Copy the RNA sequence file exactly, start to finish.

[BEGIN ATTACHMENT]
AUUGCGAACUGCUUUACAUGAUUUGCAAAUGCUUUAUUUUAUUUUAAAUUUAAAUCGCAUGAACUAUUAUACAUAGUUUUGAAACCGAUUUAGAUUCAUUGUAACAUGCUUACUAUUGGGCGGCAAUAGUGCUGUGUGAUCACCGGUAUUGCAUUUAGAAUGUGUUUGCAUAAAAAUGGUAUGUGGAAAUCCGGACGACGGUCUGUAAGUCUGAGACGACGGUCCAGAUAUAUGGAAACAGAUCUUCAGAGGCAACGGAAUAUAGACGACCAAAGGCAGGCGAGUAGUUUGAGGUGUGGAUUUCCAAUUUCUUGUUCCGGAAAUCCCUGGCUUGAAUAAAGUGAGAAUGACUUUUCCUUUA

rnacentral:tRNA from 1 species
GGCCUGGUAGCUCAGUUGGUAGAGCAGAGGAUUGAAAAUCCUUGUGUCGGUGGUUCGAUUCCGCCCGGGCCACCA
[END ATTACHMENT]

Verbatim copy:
AUUGCGAACUGCUUUACAUGAUUUGCAAAUGCUUUAUUUUAUUUUAAAUUUAAAUCGCAUGAACUAUUAUACAUAGUUUUGAAACCGAUUUAGAUUCAUUGUAACAUGCUUACUAUUGGGCGGCAAUAGUGCUGUGUGAUCACCGGUAUUGCAUUUAGAAUGUGUUUGCAUAAAAAUGGUAUGUGGAAAUCCGGACGACGGUCUGUAAGUCUGAGACGACGGUCCAGAUAUAUGGAAACAGAUCUUCAGAGGCAACGGAAUAUAGACGACCAAAGGCAGGCGAGUAGUUUGAGGUGUGGAUUUCCAAUUUCUUGUUCCGGAAAUCCCUGGCUUGAAUAAAGUGAGAAUGACUUUUCCUUUA

rnacentral:tRNA from 1 species
GGCCUGGUAGCUCAGUUGGUAGAGCAGAGGAUUGAAAAUCCUUGUGUCGGUGGUUCGAUUCCGCCCGGGCCACCA